The timebomb under Britain’s property market

Britain's house prices have so far avoided an all-out crash. But as banks begin to raise mortgage rates, we could soon see property prices falling further, says John Stepek.

The British housing market has suffered a very unsatisfying sort of crash.

Depending on which set of data you use, house prices for Britain as a whole are down by around 10-20% on the peak in 2007.

But a lot depends on where you live. Certain parts of London are now more expensive than they were back then. And other parts of Britain are significantly cheaper.

Subscribe to MoneyWeek

Subscribe to MoneyWeek today and get your first six magazine issues absolutely FREE

Get 6 issues free

Sign up to Money Morning

Don't miss the latest investment and personal finances news, market analysis, plus money-saving tips with our free twice-daily newsletter

Don't miss the latest investment and personal finances news, market analysis, plus money-saving tips with our free twice-daily newsletter

Sign up

House price falls aren't great news for those who were living in those properties, of course. But prices haven't dropped far enough to satisfy the bears either. Combined with tight credit, prices remain far too high for your average first-time buyer.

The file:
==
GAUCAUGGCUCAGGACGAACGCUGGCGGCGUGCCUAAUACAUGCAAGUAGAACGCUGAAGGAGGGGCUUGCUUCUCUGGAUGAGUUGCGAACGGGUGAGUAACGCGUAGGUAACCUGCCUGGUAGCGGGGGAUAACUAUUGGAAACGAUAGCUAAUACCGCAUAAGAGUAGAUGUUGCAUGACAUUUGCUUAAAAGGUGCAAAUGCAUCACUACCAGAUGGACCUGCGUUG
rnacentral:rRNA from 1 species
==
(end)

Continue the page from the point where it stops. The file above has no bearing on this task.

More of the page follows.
Will that change in 2012? A report from S&P suggests that it could and that prices could fall further

The north of England is facing a bigger squeeze than the south

You might have thought, that around four years on from the credit crunch, the UK property market would be getting healthier. According to credit rating agency S&P, you'd be wrong.

In the last quarter of 2011, 5.6% of borrowers were in negative equity. In other words, the loans on their homes were worth more than the properties themselves. That's deteriorated since the second quarter of 2010, when only 3.6% of homes were in negative equity.

As the FT points out, the figure is far worse in the north of England, where 8.5% - not far off one in ten homeowners is in negative equity.